An Post to enter mortgage market with low interest rates
Offers will be available to both new and switching mortgage holders
An Post: the move will significantly shake up the Irish mortgage market. Photograph: Bryan O’Brien / The Irish Times
An Post is to enter the Irish mortgage market next year with interest rates which are substantially lower than those currently available.
The move was given the green light by the An Post board at a meeting last week and will see rates of 1 per cent less than what is on offer, and made available to both new and switching mortgage holders.
A rate cut of 1 per cent on a €300,000 mortgage could save a borrower as much as €60,000 over the lifetime of a 30-year loan. The new offer is also likely to be welcomed by cash-strapped borrowers.
The move will significantly shake up the Irish mortgage market.
While An Post does not have a banking licence, it will start offering the mortgages as part of a joint venture with an as yet unnamed partner. More details of its proposals will be made available before the end of the year.
Irish lenders have been criticised for charging mortgage interest rates which are wildly out of line with euro zone averages as they have sought to repair loan books badly hit by the financial crisis.
According to figures from the Central Bank, the average rate of interest on a new home loan in the Republic in July is 3.2 per cent, while the average across the euro zone put at just under 1.8 per cent.
A spokeswoman for An Post confirmed that a mortgage package would be available to new borrowers and to switchers next year. She added that the move into the mortgage space was part of a wider retail strategy.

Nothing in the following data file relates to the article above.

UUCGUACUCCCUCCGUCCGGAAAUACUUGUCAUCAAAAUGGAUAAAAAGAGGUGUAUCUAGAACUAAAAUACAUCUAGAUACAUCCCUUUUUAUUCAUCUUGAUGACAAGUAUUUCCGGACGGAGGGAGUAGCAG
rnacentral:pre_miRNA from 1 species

The plan is “based on three pillars”, she said, including widening its financial services offerings. Last year it rolled out a current account with debit card facilities and it also plans to introduce additional services including issuing credit cards and overdraft facilities.
The company will also seek to provide more Government services including the issuing of driving licences and ID verification services.
The third pillar it will seek to exploit is eCommerce capability through the introduction of click and collect facilities – in commuter hotspots, for example – and easier return options.
Last month, An Post announced that 159 post offices across the State will close in the months ahead as part of a restructuring plan. Minister for Communications Denis Naughten said the closures were made on a voluntary basis and represented a “necessary first step in reinvigorating our national post office network and making it a viable, sustainable and modern network for the future”.